Pc Nicola Hughes Funeral: Thousands Gather In Manchester To Remember Fallen Officer (PICTURES)

Thousands Gather In Manchester For Pc Nicola Hughes' Funeral

Thousands of police officers from across the country gathered today in memory of a policewoman killed in a gun and grenade attack.

All bowed their heads solemnly when the funeral cortege for Pc Nicola Hughes, 23, passed as they lined the procession route through an eerily quiet Manchester city centre.

They were joined in Deansgate by hundreds of members of the public who heeded a call from Greater Manchester Police for "decent people" to stand shoulder by shoulder with the force in tribute to Pc Hughes and her colleague, Pc Fiona Bone, 32.

The coffin of Pc Hughes is carried into Manchester Cathedral

Office workers left their desks, shops emptied and building sites fell silent in a public show of respect.

Both officers were lured to their deaths by what appeared to be a routine burglary call to a house in Hattersley, Tameside, on September 18.

Police motorcycle outriders provided a guard of honour ahead of the cortege, led by the funeral carriage pulled by six horses from GMP's mounted unit and bearing the coffin, shrouded in black cloth.

Pc Nicola Hughes was killed in a gun and grenade attack

Pc Hughes, from Oldham, joined GMP in 2009. Her family said she wanted to make a difference and was doing a job she loved.

Fellow officers described her as a chatterbox, always smiling, with a bubbly, infectious personality.

Officers from forces nationwide volunteered to cover the shifts of GMP colleagues so they could attend the service at Manchester Cathedral, with most of them lining the funeral procession route.

Thousands of police officers paid their respects on Wednesday to their fallen colleagues

Several chief constables and senior officers from forces across England and Wales were expected to be among the 1,000 mourners inside the cathedral along with Pc Hughes's family and friends, and fellow officers from the Tameside division.

A big screen was relaying the funeral at the rear of the cathedral for hundreds more gathered outside.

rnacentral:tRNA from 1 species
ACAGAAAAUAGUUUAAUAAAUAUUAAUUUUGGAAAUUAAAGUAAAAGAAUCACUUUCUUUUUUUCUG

The funeral of Pc Bone will take place at the same venue tomorrow.

The six officers on horseback formed a guard of honour as the hearse arrived at the cathedral entrance.

Spontaneous applause came from the crowd as the procession went along Deansgate until chimes began to sound from the cathedral as mourners observed a 15-minute silence.

The family of Pc Hughes entered the cathedral including her mother, Susan, father, Bryn, and younger brother, Sam.

GMP officers acted as pallbearers with Pc Hughes's police hat on top of the coffin which was led in to Pie Jesu sung by the cathedral choir.

As the service began, hundreds of people and police formed a wide arc to gather around the big screen outside to watch the service.

Some mourners - members of the public and police - wiped away silent tears as the hymns were sung and poignant poems read.

A full-size photograph of Pc Hughes was mounted at the front of the church.

The congregation sang the hymns The Lord's My Shepherd and In Heavenly Love Abiding.

Colleagues of Pc Hughes gave poetry and Bible readings.

Sergeant Stephen Lovatt read Death Is Nothing At All, Inspector Jane Brown read Don't Let Your Hearts Be Troubled and Sergeant Gordon Swan read Feel No Guilt In Laughter.

Police chaplain Keith Stewart said Pc Hughes was born at the Royal Oldham Hospital in 1988, attended Saddleworth High School and went on to study at Huddersfield University before joining the police.

He asked mourners to "remember a vibrant young woman" who was a green belt in karate but also enjoyed looking after her nails and hair and who still had "something of the little girl about her".

Greater Manchester Police chief constable Sir Peter Fahy spoke of Pc Hughes being "incredibly mature" despite her young years.

He said her family had spoken of the proud moment when every new officer brings home their uniform for the first time.

"They (officers) wonder will you be able to fill those boots," he said. "In Nicola's case, there was never any doubt.

"She decided not to be a bystander."

He added: "Nicola and Fiona knew that the police service has the same expectations of female officers as male officers.

"Nicola, like Fiona, had many of the qualities we see in our young police officers and many young people."

He said Pc Hughes signed knowing she would put herself in danger and that an unarmed police force was not a "tactical option" but that it was "central to our commitment to minimum force".

She died from "her own devotion to others".

"Nicola, in her dedication and professionalism, in the way she carried out her duties, showed that policing is not about muscle but reason, restraint and intelligence.

"Her family were so proud of Nicola. She was a fighter."

He said every photograph of her reflected her warm smile.

He said: "She will be greatly missed by everyone who knew her.

"We will never forget her great sacrifice."

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